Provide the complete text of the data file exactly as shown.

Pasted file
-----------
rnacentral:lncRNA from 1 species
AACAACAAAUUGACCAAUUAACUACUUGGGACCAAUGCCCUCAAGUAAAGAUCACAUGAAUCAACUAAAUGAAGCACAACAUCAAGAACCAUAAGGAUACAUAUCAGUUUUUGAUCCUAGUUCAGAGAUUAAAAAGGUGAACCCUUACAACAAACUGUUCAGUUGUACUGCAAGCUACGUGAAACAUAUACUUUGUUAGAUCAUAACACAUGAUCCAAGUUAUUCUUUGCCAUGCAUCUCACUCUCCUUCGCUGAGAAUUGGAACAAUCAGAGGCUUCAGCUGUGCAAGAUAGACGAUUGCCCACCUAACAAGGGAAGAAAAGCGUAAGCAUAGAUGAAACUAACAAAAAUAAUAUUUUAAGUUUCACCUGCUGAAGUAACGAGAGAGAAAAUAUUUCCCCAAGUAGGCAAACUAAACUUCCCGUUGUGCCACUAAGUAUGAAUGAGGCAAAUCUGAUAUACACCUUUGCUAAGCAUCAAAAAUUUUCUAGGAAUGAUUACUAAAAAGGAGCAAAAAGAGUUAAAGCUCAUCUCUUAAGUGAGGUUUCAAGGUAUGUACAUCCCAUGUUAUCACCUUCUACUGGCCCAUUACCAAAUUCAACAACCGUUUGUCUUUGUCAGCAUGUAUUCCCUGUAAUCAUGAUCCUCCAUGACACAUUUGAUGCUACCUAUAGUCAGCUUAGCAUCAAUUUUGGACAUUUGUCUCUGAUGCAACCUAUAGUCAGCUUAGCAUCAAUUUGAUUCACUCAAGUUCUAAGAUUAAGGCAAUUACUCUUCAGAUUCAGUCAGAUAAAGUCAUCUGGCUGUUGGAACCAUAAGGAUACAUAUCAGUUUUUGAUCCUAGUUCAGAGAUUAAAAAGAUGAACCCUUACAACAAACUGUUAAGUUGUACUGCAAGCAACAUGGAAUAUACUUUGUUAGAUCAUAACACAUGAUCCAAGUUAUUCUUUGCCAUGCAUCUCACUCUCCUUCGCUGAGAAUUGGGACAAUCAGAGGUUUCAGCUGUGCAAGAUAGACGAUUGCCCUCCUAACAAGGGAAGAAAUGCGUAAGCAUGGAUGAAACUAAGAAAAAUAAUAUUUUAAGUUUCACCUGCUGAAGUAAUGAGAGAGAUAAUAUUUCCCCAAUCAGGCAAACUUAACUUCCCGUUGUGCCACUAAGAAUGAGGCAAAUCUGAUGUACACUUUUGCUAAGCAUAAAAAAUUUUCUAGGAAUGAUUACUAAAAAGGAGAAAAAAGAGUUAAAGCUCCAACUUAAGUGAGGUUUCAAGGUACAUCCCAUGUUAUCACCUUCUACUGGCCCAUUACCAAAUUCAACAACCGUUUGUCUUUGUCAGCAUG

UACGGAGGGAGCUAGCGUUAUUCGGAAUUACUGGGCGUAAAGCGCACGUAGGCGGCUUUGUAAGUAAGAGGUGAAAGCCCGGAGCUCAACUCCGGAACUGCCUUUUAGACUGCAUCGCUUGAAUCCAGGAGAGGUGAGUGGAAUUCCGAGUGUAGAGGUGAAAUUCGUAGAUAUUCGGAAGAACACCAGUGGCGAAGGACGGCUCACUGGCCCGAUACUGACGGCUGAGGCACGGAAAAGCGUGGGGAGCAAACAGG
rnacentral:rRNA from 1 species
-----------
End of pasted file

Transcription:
rnacentral:lncRNA from 1 species
AACAACAAAUUGACCAAUUAACUACUUGGGACCAAUGCCCUCAAGUAAAGAUCACAUGAAUCAACUAAAUGAAGCACAACAUCAAGAACCAUAAGGAUACAUAUCAGUUUUUGAUCCUAGUUCAGAGAUUAAAAAGGUGAACCCUUACAACAAACUGUUCAGUUGUACUGCAAGCUACGUGAAACAUAUACUUUGUUAGAUCAUAACACAUGAUCCAAGUUAUUCUUUGCCAUGCAUCUCACUCUCCUUCGCUGAGAAUUGGAACAAUCAGAGGCUUCAGCUGUGCAAGAUAGACGAUUGCCCACCUAACAAGGGAAGAAAAGCGUAAGCAUAGAUGAAACUAACAAAAAUAAUAUUUUAAGUUUCACCUGCUGAAGUAACGAGAGAGAAAAUAUUUCCCCAAGUAGGCAAACUAAACUUCCCGUUGUGCCACUAAGUAUGAAUGAGGCAAAUCUGAUAUACACCUUUGCUAAGCAUCAAAAAUUUUCUAGGAAUGAUUACUAAAAAGGAGCAAAAAGAGUUAAAGCUCAUCUCUUAAGUGAGGUUUCAAGGUAUGUACAUCCCAUGUUAUCACCUUCUACUGGCCCAUUACCAAAUUCAACAACCGUUUGUCUUUGUCAGCAUGUAUUCCCUGUAAUCAUGAUCCUCCAUGACACAUUUGAUGCUACCUAUAGUCAGCUUAGCAUCAAUUUUGGACAUUUGUCUCUGAUGCAACCUAUAGUCAGCUUAGCAUCAAUUUGAUUCACUCAAGUUCUAAGAUUAAGGCAAUUACUCUUCAGAUUCAGUCAGAUAAAGUCAUCUGGCUGUUGGAACCAUAAGGAUACAUAUCAGUUUUUGAUCCUAGUUCAGAGAUUAAAAAGAUGAACCCUUACAACAAACUGUUAAGUUGUACUGCAAGCAACAUGGAAUAUACUUUGUUAGAUCAUAACACAUGAUCCAAGUUAUUCUUUGCCAUGCAUCUCACUCUCCUUCGCUGAGAAUUGGGACAAUCAGAGGUUUCAGCUGUGCAAGAUAGACGAUUGCCCUCCUAACAAGGGAAGAAAUGCGUAAGCAUGGAUGAAACUAAGAAAAAUAAUAUUUUAAGUUUCACCUGCUGAAGUAAUGAGAGAGAUAAUAUUUCCCCAAUCAGGCAAACUUAACUUCCCGUUGUGCCACUAAGAAUGAGGCAAAUCUGAUGUACACUUUUGCUAAGCAUAAAAAAUUUUCUAGGAAUGAUUACUAAAAAGGAGAAAAAAGAGUUAAAGCUCCAACUUAAGUGAGGUUUCAAGGUACAUCCCAUGUUAUCACCUUCUACUGGCCCAUUACCAAAUUCAACAACCGUUUGUCUUUGUCAGCAUG

UACGGAGGGAGCUAGCGUUAUUCGGAAUUACUGGGCGUAAAGCGCACGUAGGCGGCUUUGUAAGUAAGAGGUGAAAGCCCGGAGCUCAACUCCGGAACUGCCUUUUAGACUGCAUCGCUUGAAUCCAGGAGAGGUGAGUGGAAUUCCGAGUGUAGAGGUGAAAUUCGUAGAUAUUCGGAAGAACACCAGUGGCGAAGGACGGCUCACUGGCCCGAUACUGACGGCUGAGGCACGGAAAAGCGUGGGGAGCAAACAGG
rnacentral:rRNA from 1 species